Wheel­chair vs air­plane

Be­fore the wheel­chair, ar­riv­ing at the air­port was ex­cit­ing. Now it’s stress­ful

The Irish Times - Tuesday - Health - - Front Page - Ais­ling Glynn

There’s life be­fore the wheel­chair and life after the wheel­chair. The wheel­chair changes your life. When I started writ­ing this col­umn, I thought about top­ics. Air travel was one of them. But I hes­i­tated, telling my­self that air travel was a lux­ury.

In my third col­umn, I wrote about plan­ning and how life be­came more reg­i­mented after the wheel­chair. You can’t just hop in or out of bed if you’re de­pen­dent on some­one to as­sist you. You have to plan how you’re go­ing to get to work, or to the shop. All of this plan­ning can be tir­ing and some­times you feel like you just need a break. To es­cape from the plan­ning and the re­liance on oth­ers. To hop in the car and go for a drive. To get away for a night. But it’s dif­fi­cult to do any of th­ese things if you’re de­pen­dent on oth­ers, and de­pen­dent on aids and ap­pli­ances that don’t ex­ist in too many places out­side your own home. The wheel­chair doesn’t leave much room for spon­tane­ity.

Some­times I imag­ine hop­ping on a plane and get­ting away for a few days, but the re­al­ity is, if you need some­one to help you get up in the morn­ing, you’re still go­ing to need them when you’re away. We all feel the need to get away some­times. Since ac­quir­ing a dis­abil­ity, I have felt this more. The need to get away is stronger when you’re de­pen­dant on oth­ers for ev­ery­day life, but the funny thing is that get­ting away and plan­ning that trip away high­lights those de­pen­den­cies more.


I still think air travel is a priv­i­lege. How­ever, it can also be a ne­ces­sity. When I qual­i­fied in 2010, many of friends had to board planes to New York or Lon­don, be­cause there were no jobs here. Two of my sis­ters moved to Lon­don. When I was un­der­go­ing in­ves­ti­ga­tions be­fore my di­ag­no­sis, I flew to Lon­don for med­i­cal services that weren’t avail­able in Ire­land.

I use an elec­tric wheel­chair. Apart from “how fast does it go?”, “how do you bring your wheel­chair on to a plane?” has to be one of the ques­tions I get asked most fre­quently. Here is the an­swer. Ten years ago the pol­icy was to lift me from my elec­tric wheel­chair into a man­ual one and to wheel me out­side to the steps of the plane. I’d then be lifted into a nar­row aisle seat, strapped in and car­ried by two staff mem­bers up the steps of the plane. On one oc­ca­sion I fell out of the wheel­chair on the way to the steps and ended up with two black eyes. Not the best start to a hol­i­day. That was a real fall. But ev­ery time, I was car­ried up those steps, un­bal­anced, I imag­ined that fall.

It is widely ac­cepted that the safest, most ef­fi­cient and most com­fort­able means of trans­fer­ring dis­abled peo­ple on to air­craft is by us­ing an air­bridge. An air­bridge means that I can drive my own wheel­chair along the bridge and up to the door of the plane. Un­for­tu­nately, not all air­lines use air­bridges. It’s hit and miss.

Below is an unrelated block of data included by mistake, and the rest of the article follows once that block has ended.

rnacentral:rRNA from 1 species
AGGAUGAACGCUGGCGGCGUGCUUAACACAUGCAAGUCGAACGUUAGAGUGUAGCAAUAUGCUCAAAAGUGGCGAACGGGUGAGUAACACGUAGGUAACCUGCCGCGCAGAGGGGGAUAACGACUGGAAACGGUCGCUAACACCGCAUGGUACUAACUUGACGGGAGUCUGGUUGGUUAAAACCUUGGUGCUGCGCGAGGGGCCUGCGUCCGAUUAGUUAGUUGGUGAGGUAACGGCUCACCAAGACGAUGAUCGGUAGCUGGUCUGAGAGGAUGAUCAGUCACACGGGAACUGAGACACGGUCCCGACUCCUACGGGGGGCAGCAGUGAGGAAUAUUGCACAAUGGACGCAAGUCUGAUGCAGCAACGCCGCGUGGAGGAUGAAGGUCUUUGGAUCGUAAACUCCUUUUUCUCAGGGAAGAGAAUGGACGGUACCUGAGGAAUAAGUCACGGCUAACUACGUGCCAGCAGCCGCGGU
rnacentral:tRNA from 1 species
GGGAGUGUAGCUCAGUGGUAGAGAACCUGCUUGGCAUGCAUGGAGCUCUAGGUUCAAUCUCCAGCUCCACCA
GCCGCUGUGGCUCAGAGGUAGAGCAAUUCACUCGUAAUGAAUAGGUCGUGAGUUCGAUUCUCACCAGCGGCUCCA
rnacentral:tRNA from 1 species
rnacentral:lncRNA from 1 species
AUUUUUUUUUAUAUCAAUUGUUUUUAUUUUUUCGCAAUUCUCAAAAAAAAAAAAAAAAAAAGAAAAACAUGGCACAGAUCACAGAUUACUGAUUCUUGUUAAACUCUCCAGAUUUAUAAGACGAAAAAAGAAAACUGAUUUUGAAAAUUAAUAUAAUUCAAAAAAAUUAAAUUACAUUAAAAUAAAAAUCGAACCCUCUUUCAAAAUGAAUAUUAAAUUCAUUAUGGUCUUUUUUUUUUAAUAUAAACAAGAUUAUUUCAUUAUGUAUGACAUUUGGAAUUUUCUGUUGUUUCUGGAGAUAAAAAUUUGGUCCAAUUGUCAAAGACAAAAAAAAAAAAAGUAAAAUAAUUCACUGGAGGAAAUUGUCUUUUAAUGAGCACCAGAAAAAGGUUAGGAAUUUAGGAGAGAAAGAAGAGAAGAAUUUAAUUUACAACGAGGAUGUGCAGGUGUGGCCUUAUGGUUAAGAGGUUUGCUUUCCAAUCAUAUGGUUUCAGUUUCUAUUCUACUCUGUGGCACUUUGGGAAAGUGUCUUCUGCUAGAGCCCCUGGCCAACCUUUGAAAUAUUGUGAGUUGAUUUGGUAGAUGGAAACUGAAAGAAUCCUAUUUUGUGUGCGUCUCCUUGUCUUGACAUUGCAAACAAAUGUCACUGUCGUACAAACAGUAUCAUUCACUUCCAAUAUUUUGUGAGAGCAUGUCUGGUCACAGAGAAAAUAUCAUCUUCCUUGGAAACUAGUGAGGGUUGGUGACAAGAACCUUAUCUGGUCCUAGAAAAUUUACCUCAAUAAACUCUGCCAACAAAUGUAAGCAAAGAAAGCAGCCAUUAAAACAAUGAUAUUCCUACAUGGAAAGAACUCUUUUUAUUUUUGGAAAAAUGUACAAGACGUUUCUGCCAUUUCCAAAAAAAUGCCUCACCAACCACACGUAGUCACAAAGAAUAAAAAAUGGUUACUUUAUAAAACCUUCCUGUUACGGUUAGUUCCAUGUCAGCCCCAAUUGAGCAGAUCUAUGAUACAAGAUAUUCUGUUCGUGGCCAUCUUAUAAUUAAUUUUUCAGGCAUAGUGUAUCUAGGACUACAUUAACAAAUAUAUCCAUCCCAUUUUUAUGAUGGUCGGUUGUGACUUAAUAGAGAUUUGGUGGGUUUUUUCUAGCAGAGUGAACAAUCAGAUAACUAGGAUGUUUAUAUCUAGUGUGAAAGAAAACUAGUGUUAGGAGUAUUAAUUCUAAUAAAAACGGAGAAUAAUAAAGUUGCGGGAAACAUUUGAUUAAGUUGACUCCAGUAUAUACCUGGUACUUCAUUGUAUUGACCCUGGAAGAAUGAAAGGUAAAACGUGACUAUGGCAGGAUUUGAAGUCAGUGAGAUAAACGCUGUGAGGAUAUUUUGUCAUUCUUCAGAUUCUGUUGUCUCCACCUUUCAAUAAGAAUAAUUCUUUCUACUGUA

Next comes the trans­fer on to the plane. Maybe wheel­chair users are seen as sim­ply that. Peo­ple us­ing wheelchairs who need to be trans­ferred into air­plane seats. Ev­ery time I board a plane, two or three staff mem­bers ar­rive to phys­i­cally lift me from my wheel­chair on to an aisle seat and from there into the plane seat. Most of the time, I am last to board, so there’s an ur­gency which adds to the stress. The aisle seats are nar­row with small straps. I try my best to keep my balance, but it’s im­pos­si­ble.

It’s un­com­fort­able be­ing phys­i­cally lifted on to the plane, with peo­ple look­ing at you. The peo­ple in the seats in front and be­hind have to move to al­low you be lifted on to your seat. On the last oc­ca­sion, I twisted my an­kle dur­ing one of th­ese lifts.


I told my­self I wasn’t go­ing to fly again – there must be a so­lu­tion.

I have found my­self dis­cussing this is­sue with other dis­abled peo­ple over the past year or so. One of my friends is over 6ft with a spinal in­jury. He told me that the aisle seat for him is like try­ing to balance on an A4 sheet of pa­per. He has given up fly­ing for this rea­son. It’s un­com­fort­able, stress­ful, em­bar­rass­ing, un­safe and of­ten re­sults in in­jury. Not just for wheel­chair users, but for the staff also.

Some­times, there are no so­lu­tions. There are so­lu­tions to this is­sue, how­ever. In Nor­way, in 2013, new reg­u­la­tions were in­tro­duced on uni­ver­sal de­sign of air­ports and dis­abled peo­ple’s rights in air trans­port. The leg­is­la­tion bans phys­i­cal car­riage of pas­sen­gers with re­duced mo­bil­ity and makes it com­pul­sory for air­port op­er­a­tors to use hoists to help pas­sen­gers with mo­bil­ity lim­i­ta­tions to board.

We all feel the need to get away some­times. Since ac­quir­ing a dis­abil­ity, I have felt this more

The Ea­gle Lift for ex­am­ple was de­signed years ago to safely trans­fer pas­sen­gers re­quir­ing full as­sis­tance and it ex­ists in many air­ports around the world. Be­ing car­ried up the steps of a plane 10 years ago was un­ac­cept­able.

There are so­lu­tions in us­ing air­bridges and safe lift­ing equip­ment so as to en­sure that dis­abled peo­ple are treated with the same re­spect and dig­nity as other trav­ellers.

Be­fore the wheel­chair, I re­mem­ber the ex­cite­ment of ar­riv­ing at the air­port. That feel­ing of re­lax­ation after walk­ing through se­cu­rity and step­ping into the duty free. Now, after the wheel­chair, this is when the real stress kicks in.

Hope­fully, the so­lu­tions iden­ti­fied will be put into prac­tice so that I and oth­ers dis­abled peo­ple can ar­rive at the air­port and look for­ward to tak­ing off.


■ There are so­lu­tions to the prob­lem of boar­d­u­ing an air­craft when in a wheel chair.

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